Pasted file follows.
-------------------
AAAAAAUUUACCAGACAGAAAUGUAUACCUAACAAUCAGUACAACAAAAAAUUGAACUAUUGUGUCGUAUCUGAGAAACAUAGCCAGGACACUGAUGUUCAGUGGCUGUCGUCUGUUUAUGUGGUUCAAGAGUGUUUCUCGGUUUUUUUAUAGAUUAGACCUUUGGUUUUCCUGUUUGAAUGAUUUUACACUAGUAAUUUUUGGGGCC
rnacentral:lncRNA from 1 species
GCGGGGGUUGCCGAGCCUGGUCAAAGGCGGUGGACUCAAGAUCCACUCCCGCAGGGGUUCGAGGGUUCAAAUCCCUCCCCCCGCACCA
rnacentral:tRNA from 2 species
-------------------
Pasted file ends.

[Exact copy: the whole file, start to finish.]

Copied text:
AAAAAAUUUACCAGACAGAAAUGUAUACCUAACAAUCAGUACAACAAAAAAUUGAACUAUUGUGUCGUAUCUGAGAAACAUAGCCAGGACACUGAUGUUCAGUGGCUGUCGUCUGUUUAUGUGGUUCAAGAGUGUUUCUCGGUUUUUUUAUAGAUUAGACCUUUGGUUUUCCUGUUUGAAUGAUUUUACACUAGUAAUUUUUGGGGCC
rnacentral:lncRNA from 1 species
GCGGGGGUUGCCGAGCCUGGUCAAAGGCGGUGGACUCAAGAUCCACUCCCGCAGGGGUUCGAGGGUUCAAAUCCCUCCCCCCGCACCA
rnacentral:tRNA from 2 species